Sleaze: The State of the Nation
“Power tends to corrupt and absolute power corrupts absolutely”. Never have these words been more true than in the 20th century. If “sleaze” is a term associated with the 1990s, another is “soundbite” and this engaging history of modern political impropriety is replete with ripe quotation, enhanced by the dramatic irony that hindsight brings to bear on the indignant bon mots. Sleaze is a positive delight for those who feed on the political bungee-jumping of the great and the grating.The adage runs that Tories fall to sexual scandal whereas Labour’s achilles heel is financial but, while this is broadly true, there are members who are happy to cross the floor. Lewis Baston assembles the usual suspects of post-war intrigue; some hapless, some unscrupulous, but most lascivious in either boardroom or bedroom: the outrageous Tom Driberg, John Belcher, John Profumo, Bob Boothby, John Poulson and Jeremy Thorpe, through to the familiar faces of the 1980s and 1990s. Understandably, most space is given to recent misdemeanours, including the Mohamed Fayed v Neil Hamilton libel case, but by then the catwalk of audacious miscreants has somewhat blurred through prolificacy. Baston adroitly chronicles the collapse of the symbiotic relationship between the press and MPs, showing how the move from deference to hostility spawned both investigative journalism and its frivolous sibling, “bonk journalism”. Sleaze, in a similar vein to Matthew Parris’s Great Parliamentary Scandals, shows that tales of hypocrisy and hubris can always stand a decent retelling. The best response to the pomposity of this rogues’ gallery is schadenfreuden and Sleaze is as stuffed with delicious bounties as a Mohamed Fayed brown envelope. —David Vincent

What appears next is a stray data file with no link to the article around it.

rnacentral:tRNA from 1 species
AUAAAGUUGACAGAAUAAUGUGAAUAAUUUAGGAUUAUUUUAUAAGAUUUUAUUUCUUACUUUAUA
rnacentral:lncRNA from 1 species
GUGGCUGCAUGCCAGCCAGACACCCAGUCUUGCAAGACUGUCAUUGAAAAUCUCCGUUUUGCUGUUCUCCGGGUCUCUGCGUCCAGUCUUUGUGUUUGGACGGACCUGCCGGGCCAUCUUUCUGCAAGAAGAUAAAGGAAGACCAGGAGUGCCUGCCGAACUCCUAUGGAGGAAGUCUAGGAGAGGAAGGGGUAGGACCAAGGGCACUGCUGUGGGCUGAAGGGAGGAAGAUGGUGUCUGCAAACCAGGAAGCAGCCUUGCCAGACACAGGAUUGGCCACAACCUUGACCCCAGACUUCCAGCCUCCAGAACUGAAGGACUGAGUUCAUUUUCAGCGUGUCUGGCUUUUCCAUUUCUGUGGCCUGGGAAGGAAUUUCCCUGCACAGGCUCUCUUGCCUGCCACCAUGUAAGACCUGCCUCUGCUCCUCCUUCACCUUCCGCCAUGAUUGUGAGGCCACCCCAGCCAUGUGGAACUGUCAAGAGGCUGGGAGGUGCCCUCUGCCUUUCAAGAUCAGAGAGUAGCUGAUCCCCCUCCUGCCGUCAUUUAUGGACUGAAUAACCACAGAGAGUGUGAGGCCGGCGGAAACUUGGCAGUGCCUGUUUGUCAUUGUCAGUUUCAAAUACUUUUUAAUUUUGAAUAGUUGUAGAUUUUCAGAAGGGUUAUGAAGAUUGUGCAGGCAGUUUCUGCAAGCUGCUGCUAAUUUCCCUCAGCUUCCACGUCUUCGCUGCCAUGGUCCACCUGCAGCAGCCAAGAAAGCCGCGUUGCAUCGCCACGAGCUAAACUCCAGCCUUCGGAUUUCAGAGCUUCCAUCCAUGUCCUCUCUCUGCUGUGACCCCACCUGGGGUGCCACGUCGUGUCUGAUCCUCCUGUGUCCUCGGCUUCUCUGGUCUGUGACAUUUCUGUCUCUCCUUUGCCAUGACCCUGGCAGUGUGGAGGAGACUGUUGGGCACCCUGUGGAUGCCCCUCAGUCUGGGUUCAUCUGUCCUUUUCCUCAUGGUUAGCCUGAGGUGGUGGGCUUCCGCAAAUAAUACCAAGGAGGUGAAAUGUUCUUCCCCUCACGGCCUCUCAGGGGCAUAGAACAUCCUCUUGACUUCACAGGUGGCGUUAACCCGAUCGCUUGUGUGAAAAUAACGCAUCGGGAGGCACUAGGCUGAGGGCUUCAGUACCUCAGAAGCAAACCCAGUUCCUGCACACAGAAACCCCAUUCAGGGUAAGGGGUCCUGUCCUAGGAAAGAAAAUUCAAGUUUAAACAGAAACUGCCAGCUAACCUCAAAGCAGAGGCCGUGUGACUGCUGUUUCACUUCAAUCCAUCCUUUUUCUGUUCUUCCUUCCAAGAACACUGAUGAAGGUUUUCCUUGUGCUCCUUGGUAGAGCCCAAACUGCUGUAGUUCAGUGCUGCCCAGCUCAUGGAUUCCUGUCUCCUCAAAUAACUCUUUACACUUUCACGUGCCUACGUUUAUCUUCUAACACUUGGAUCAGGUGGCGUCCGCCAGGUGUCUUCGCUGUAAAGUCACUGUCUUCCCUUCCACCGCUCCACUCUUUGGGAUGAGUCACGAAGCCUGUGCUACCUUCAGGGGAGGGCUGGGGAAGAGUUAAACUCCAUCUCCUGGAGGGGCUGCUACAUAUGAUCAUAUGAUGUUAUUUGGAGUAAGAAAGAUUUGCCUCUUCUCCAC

A TV tie-in to a Channel 4 series, this book is based on recorded testimonies, giving a no-holds barred expose of the British government under both Conservative and Labour leadership. It investigates MP’s private lives as well as their public ones, considers what they are paid for and party funding.